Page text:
Ruger trumps .327 Fed market with new GP100 models (VIDEO)
The .327 Federal Magnum chambering entered the market with little fanfare more than a decade ago and is just now coming into its own with a full complement of serious guns. From Henry’s Big Boy line to multiple Ruger revolvers, the stout little round is barking its praises. Seeing that potential and success, the folks at Sturm, Ruger, Co have added yet another to its lineup—long-awaited, full size GP100. Has the wait been worth it? Guns.com finds out.
Meet the Ruger GP100 in .327 Fed Mag
With previous Ruger .327 Fed Mag models in the SP101, LCR, LCRx, and Single Seven, it was only a matter of time until the chambering found the GP100, which is at the top of Ruger’s DA/SA line of revolvers. Offered in both 4.2 inch and 6 inch models, the GP100’s show off a hefty stainless steel build with a satin finish.
The 1/16 inch twist barrel is topped with a ramp front and adjustable rear sights. Our shorter barreled version measures 9.5 inches overall and weighs 40 ounces empty, even with the full shroud. A transfer bar safety protects against accidental discharge. The triple-locking cylinder, which engages into the front, rear, and bottom of the frame, assures both cylinder alignment and Ruger’s durability. The factory Hogue Monogrip wraps the frame while adding serious comfort. The wheelgun comes in Ruger’s gray hard plastic case and is stamped Newport, NH, USA. Regardless of barrel length, the new GP100 in .327 retails for $899 with online retailers already listing the wheelgun for $650.
About the .327 Fed Mag
Not only is the .327 Fed Mag a stout defensive round, pushing the .357 Mag’s ballistics with considerably less felt recoil, it is also an option for smaller game hunting, backup protection in the woods, and just an all around enjoyable range master. Another benefit is capacity—the GP100 holds seven rounds of .327 to only six rounds of .357. Will one more round make that big of a difference? Maybe, maybe not. Yet it never hurts to have more firepower with less recoil. Just as you can fire .38SPL from the .357, .32 aficionados can also feed the lighter recoiling .32 H&R Magnum.
At just over three pounds loaded, the GP100 has more than enough weight to negate the already manageable recoil of the .327, while still maintaining good balance in the hand and on the hip. The rear sight is easily adjustable for both windage and elevation. The white outline rear is easy enough to align on target, but could be slightly more prominent for faster acquisition. Hogue grips coming standard is a boon for accurate shooting. Coming from a shooter with smaller hands, I can testify that this gun fits me just as well as it does the fellas with larger paws. The GP100 is controllable, a joy to shoot, and a confidence builder not only as a sidearm, but as a knockdown caliber as well.
Recoil is practically non-existent in a weightier handgun like the GP100. Fired single action, the trigger broke repeatedly at just over 4-1/2 pounds, crisp and clean which allowed for accurate shooting. In double action, the pull is obviously extended, but equally smooth in it’s weightiness and easy enough to learn to shoot well quickly. From the bench, we were shooting repeatable three shot, three-to-three-and-a-half inch groups offhand at 25 yards. Rapid fire at defense distances was equally as pleasing.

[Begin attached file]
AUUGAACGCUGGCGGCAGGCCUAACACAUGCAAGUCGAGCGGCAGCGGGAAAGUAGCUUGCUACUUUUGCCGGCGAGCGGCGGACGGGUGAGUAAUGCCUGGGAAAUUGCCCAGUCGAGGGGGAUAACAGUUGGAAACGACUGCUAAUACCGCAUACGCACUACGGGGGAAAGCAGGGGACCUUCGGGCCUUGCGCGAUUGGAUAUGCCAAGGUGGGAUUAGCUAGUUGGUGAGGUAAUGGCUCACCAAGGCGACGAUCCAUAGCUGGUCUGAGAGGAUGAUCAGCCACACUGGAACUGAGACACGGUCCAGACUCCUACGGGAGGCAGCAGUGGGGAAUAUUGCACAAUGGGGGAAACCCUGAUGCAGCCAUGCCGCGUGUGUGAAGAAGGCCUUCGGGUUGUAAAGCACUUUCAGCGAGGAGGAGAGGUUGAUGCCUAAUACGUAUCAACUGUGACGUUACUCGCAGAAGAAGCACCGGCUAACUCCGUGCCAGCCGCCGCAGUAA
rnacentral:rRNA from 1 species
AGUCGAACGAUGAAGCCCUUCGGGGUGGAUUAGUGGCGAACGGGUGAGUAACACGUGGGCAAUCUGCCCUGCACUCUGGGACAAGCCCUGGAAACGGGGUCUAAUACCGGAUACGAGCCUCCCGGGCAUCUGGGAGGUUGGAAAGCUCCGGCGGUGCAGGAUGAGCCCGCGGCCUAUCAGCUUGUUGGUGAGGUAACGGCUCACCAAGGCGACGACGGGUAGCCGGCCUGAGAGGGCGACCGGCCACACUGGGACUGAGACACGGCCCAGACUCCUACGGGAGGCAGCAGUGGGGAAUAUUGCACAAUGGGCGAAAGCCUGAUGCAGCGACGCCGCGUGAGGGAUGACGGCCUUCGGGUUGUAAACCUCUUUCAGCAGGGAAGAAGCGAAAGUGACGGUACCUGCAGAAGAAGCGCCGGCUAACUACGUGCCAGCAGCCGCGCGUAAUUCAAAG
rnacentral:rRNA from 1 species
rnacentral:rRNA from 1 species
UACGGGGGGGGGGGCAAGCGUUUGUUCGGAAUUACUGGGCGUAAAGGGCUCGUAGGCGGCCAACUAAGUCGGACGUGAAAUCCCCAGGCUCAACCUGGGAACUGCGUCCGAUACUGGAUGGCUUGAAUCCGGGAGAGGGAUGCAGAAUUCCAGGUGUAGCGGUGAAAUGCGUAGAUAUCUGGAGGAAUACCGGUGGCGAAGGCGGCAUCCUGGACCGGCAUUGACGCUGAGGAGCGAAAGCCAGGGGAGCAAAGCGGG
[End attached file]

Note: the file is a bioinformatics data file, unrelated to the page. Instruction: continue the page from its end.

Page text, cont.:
We fired a mix of factory premium ammunition, which before you gnash your teeth, is in fact readily available on store shelves: American Eagle 85 and 100 grain JSP’s, Speer Gold Dot 100grn JHP, Federal Premium 85grn Hydra Shok JHP, and Great Lakes 100 grn RNFP. There’s much more bark than bite in terms of noise over recoil. When shooting the .32 H&R in Federal Premium Personal Defense in 85grn JHP and 95grn SWC, there’s certainly less velocity, but also less report, while still maintaining excellent accuracy and nearly identical point of impact. Caliber versatility is as interesting in the GP100 in .327/.32H&R Magnum as it is in the .357/.38 Special. Regardless of your chambering favor, though, the fact remains that the Ruger GP100 just plain fits and is not just attractive, but capable.
Close Companions—SP101 & GP100
With very similar outward appearances in the 4-inch barreled .327 Federal revolver market, we’d be remiss not to consider whether the GP is worth more money than it’s older, albeit smaller brother, the SP. There is only one close competitor, Ruger’s own SP101 which is considerably lighter at 29.5 ounces, and only a six-round capacity, the GP100 ultimately throws down the trump card. A larger, rugged frame with room for an additional round in the cylinder, upgraded grips, and all done in an attractive, well-balanced package for just over a hundred dollars more. The SP101 wears a fiber optic front that some will prefer over the GP100’s ramp front, but not I. The biggest benefit to the SP101 is as a crossover carry wheelgun. Its lighter weight and smaller frame and grips make it a bit more concealable but not quite as much fun on the range as the GP100. They’re both fine guns that more than do justice to the .327 Fed Mag chambering, but after getting my hands on both, the GP100 was an easy choice for my purposes as a woods sidearm, plinker, and backup carry tool.
The new Ruger GP100 in .327 Federal Magnum is the first true full-frame revolver in the caliber, and at the end of the day, it has been a long-awaited win. While the LCR family covers the carry market with some rollover into the SP101, and the Single Sevens are capable single action plinksters and hunters, the GP100 is Ruger’s ace in the hole. In our 4 inch barreled model, not only could it moonlight as a carry gun, but excels as a woodsman’s sidearm, a small-game and varmint slayer, and darn enjoyable all-around shooter.
More news at The Gun Directory